Do you know what it is?
It pays Julia Roberts 20 million dollars for making a movie.
It gets people around the world to put posters of Michael Jordan on their bedroom walls.
It gets teenagers around the world to imitate the same hair, the same smile, the same get up of the latest teen idol (Brittany Spears, Ricky someone, or whoever…)
It transports copies of the same object all over the world
It extends millions for a idea, but not a dime for an excellent poem.
What is it?


Hogarth and Market Culture

Modernization and the growth of the Market begins in the Enlightenment:
Here are some effects of the emergence of a world market in goods and ideas:

Artists of the Enlightenment respond in two ways: example of John Gay
they develop strategies to survive on the market

counter the empty show and extravagance of Italian opera with English realism; provide English songs to appropriate the appeal of opera;
they articulate complex critiques of the market and its effects upon culture (fashion, imitation, etc.) offer a social and policital critique of the effect of money upon the legal system


Hogarth on the Market

Surviving on the market: There are three keys to Hogarth's success with his Progress Pieces:

I: Developing the market in prints: from single painting to many copies of prints sold by subscription

II: Exploiting the modern enlightenment taste for realism: considered "realistic" because it entails
1) representations of actual people and places,
2) often of "low" (rather than high, sublime or upper class) subjects, and
3) represented in a style that produces effects of verisimilitude (accuracy to language or look) for contemporary audiences

III: Narrating the story of a "modern moral subject":

The Harlot's Progress (1732)

Plate 1: the girl from the country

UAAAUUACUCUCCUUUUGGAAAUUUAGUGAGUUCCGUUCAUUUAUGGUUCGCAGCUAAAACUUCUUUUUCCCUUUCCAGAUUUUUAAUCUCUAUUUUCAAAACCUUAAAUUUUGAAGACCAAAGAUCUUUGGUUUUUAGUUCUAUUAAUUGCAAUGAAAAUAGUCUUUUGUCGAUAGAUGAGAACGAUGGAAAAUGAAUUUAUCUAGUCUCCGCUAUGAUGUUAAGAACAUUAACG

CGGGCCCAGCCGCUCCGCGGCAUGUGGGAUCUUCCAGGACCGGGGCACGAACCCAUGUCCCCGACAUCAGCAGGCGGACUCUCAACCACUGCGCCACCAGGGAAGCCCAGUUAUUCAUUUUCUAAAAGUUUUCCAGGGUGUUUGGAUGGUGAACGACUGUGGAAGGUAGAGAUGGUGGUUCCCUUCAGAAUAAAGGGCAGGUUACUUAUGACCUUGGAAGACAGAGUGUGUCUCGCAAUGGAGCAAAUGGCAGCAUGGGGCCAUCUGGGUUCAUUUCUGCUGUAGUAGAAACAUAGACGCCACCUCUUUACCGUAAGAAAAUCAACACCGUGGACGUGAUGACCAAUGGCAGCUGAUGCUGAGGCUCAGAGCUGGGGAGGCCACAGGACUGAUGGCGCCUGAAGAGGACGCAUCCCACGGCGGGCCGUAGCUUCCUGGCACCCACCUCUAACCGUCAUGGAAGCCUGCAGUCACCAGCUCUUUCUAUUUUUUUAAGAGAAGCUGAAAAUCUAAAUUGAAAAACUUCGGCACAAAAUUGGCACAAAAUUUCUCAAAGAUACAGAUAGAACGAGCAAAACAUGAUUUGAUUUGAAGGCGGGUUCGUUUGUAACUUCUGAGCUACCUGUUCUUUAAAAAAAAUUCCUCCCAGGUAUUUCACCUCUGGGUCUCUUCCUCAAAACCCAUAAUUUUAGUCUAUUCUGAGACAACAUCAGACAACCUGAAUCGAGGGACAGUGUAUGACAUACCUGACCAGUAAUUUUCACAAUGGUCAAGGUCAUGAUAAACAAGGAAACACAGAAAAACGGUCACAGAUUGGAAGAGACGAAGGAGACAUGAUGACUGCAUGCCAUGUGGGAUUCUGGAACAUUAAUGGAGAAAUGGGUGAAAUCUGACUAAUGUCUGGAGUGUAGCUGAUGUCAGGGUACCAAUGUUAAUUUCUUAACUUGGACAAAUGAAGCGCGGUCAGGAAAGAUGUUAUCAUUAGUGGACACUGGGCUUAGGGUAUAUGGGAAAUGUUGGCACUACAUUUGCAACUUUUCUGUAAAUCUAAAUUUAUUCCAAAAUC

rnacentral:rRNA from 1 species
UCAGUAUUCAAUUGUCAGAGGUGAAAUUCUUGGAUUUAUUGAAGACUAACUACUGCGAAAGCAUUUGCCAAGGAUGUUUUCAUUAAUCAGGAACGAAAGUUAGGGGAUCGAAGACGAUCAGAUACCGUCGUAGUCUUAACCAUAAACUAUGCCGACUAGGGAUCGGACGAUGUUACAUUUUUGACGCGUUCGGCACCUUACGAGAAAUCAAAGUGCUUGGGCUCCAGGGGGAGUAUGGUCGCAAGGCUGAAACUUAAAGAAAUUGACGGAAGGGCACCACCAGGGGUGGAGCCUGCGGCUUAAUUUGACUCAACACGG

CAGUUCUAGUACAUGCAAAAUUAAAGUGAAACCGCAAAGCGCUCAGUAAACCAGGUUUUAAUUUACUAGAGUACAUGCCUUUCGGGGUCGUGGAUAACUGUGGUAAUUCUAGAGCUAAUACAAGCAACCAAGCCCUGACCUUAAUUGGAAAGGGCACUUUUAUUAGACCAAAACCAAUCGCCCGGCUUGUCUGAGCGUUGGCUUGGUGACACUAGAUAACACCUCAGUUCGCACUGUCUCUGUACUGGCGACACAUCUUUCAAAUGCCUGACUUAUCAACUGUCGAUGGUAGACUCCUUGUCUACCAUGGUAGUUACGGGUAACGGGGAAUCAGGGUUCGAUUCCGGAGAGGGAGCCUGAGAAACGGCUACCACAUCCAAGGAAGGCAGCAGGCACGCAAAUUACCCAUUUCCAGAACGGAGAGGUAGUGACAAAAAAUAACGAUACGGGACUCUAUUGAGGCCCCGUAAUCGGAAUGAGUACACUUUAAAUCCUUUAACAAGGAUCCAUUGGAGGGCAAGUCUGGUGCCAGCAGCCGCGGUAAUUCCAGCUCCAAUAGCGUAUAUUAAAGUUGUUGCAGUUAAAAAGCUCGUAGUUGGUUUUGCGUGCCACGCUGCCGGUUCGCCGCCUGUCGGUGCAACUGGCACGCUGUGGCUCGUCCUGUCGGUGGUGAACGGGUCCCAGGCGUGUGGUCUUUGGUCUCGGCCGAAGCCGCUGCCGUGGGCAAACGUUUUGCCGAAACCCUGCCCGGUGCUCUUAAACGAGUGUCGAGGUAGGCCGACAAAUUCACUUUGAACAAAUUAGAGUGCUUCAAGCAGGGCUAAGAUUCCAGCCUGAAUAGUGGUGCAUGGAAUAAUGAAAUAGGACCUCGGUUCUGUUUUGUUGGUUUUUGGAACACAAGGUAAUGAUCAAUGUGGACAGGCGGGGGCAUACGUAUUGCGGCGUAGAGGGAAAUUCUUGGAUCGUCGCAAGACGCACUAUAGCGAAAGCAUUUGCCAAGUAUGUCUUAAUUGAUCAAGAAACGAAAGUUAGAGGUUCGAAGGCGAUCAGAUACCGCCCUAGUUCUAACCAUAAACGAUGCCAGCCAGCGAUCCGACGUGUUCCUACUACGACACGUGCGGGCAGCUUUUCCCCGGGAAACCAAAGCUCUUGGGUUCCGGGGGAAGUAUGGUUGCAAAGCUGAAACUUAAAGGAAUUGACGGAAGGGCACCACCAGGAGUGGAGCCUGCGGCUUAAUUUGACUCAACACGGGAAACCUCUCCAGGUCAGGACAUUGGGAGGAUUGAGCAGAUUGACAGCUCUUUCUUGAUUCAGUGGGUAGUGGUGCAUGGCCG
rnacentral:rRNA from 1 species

Plate 2: as a kept woman

Plate 3: a street prostitute

Plate 4: in Bridewell prison

Plate 5: nearing death

Plate 6: the wake for the harlot


What has gone wrong with the harlot's life?
Who or what is to blame?

Key interpretive question of the progress piece: Does the sequence suggest moral responsible freedom of the agents (a la Milton, free to fall), or the enclosure of individuals in a system that traps and manipulates them?

Plate 1:

Plate 2:

Plate 3:

Plate 4:

Plate 5:


Plate 6:


The moral rhetoric of Hogarth's Progress pieces according to Henry Fielding:
In June 10, 1740 essay from The Champion, Fielding praises the morally improving efficacy of the "Harlot's Progress" and the "Rake's Progress" as "calculated more to serve the cause of virtue, and for the preservation of mankind, than all the folios of morality which have been ever written. ... In the excellent Works you see the delusive Scene exposed with all the Force of Humour, and, on casting your Eyes on another Picture, you behold the dreadful and fatal consequence."[194]

There are three key features of this concise description of the progress piece,
1: the opening scene is described as 'delusive'-- that is, the characters within the scene-for example of husband and wife of "Marriage a la Mode" are "deluded" or deceived in their desire to imitate the great, in going along with the arranged marriage, in their oblivion of present danger;
2: but this scene is "exposed" by the 'force' of Hogarth's 'humour'; thus there is a satiric ridicule of the characters which challenges the claims, pretensions, and illusions of the central characters, and the social values they embrace. Since this humor can not prepare the spectator for what comes in subsequent plates, the initial scene may also delude the absorbed first-time reader/ spectator, who may be lulled into the supposition that things are not so bad, that after all, these innocent protagonists are involved in an interesting adventure.
3: Only after "casting your eyes on another picture," and progressing through its sequence of scenes, the spectator "beholds" "the dreadful and fatal consequences" of the earlier scene[s]. The turn in the narrative is violent, not necessarily foreseen, but claimed by Fielding to have a wonderfully ethical efficacy.